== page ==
If the focus is delivery and delivery alone, a company will soon be overrun with outputs, not profit. Technical excellence and streamlined process only go so far in reaching company goals: for Agile to be successful, it needs to tie back to clear business objectives.

Another challenge is that you can’t spontaneously decide to do Agile. There is a wealth of planning, processes, and people to transplant from the existing system to a new one. Without the right technology and framework to capture this process, then the endeavor (no matter how lightweight) is doomed to fail.

This is where OKRs come in.

OKRs give employees a laser focus on what matters, business outcomes, and foster an environment of cross-team collaboration and alignment.

 

How OKRs can support Agile?

 

Customer satisfaction

 

The first tenet of Agile is answering whether a customer is satisfied or not: which is not always as simple as asking them directly. On the customer end, they may not answer due to a lack of time, missing value or they may already be looking at one of your competitors. On your end, continuous delivery through hitting customers with feature updates every week isn’t a measure of success, unless it is measurably contributing to a customer’s usage or acquisition of a product.

However, with OKRs, you set the metric of success early on and actively track engagement with or without explicit customer feedback. KRs such as…

  • Increase the daily active users by 30%
  • Implement the top 3 requested features
  • 30% of the live chat conversations end with ‘Very Helpful’ rating

…are all engineered to capture satisfaction. Agile is enhanced through an OKR process without impeding delivery. To get you started, here are 13 free examples of winning customer satisfaction KRs.

 

Changing requirements

 

Changing requirements shouldn’t mean the changing of the ultimate goal: delivery and profitability. To deliver the most effective deployment, a mechanism is needed to capture the reasons why, how, and by who a requirement has been added, removed, or improved.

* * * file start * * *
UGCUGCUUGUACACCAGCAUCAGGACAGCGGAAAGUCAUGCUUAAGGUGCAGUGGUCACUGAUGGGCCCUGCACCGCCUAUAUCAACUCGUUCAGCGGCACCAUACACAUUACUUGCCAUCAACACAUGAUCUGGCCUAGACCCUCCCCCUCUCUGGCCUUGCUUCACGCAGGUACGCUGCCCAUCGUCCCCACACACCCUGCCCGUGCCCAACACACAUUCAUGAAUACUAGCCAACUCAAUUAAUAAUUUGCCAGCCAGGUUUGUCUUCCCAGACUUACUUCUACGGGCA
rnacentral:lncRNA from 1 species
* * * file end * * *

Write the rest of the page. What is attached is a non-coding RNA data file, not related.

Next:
Agility should not come at the expense of accountability, so a robust framework is needed to track each step of development. The overarching goal needs to account for these changes and be clear as to what is and isn’t within the remit of the project.

OKRs enforce strict adherence to a given Objective but leave it up to the individual or team to decide the exact methods or initiatives for attainment. In the example of a new feature release, the Objective would be something like users love our product.

It’s clear from the title that the new feature would need to be avidly used, indicating what should be measured in the Key Result:

  • A percentage of positive customer reviews
  • A number of unsolicited thank you emails
  • Award nominations from happy customers
  • And more

What it doesn’t do, is state how many iterations, stages, or amendments a product must go through before launch, leaving the activities up to the respective Agile team members.

Objectives provide inspiration and clarity, as well as ownership, but without restricting the methods.

 

Close daily cooperation

 

Agile necessitates, but does not provide, the apparatus for close daily cooperation between business units. Some businesses might make do with Jira comments as their source of communication, others with Slack conversations, and some with a hybrid between the above and a communication platform like Zoom.

With decentralized spaces for updates and communication, errors can occur: details lost, deadlines missed, and focus blurred as each unit or individual focuses on their particular aspect of a launch.

With an OKR platform, there is a centralized location for progress, confidence, and updates. Ownership, whether individual, shared, or by a team, means you know who to talk to about what. For additional agility, you can also automate updates from Jira, view or update OKRs directly through Slack or utilize any number of integrations to dig deeper into the data and update progress.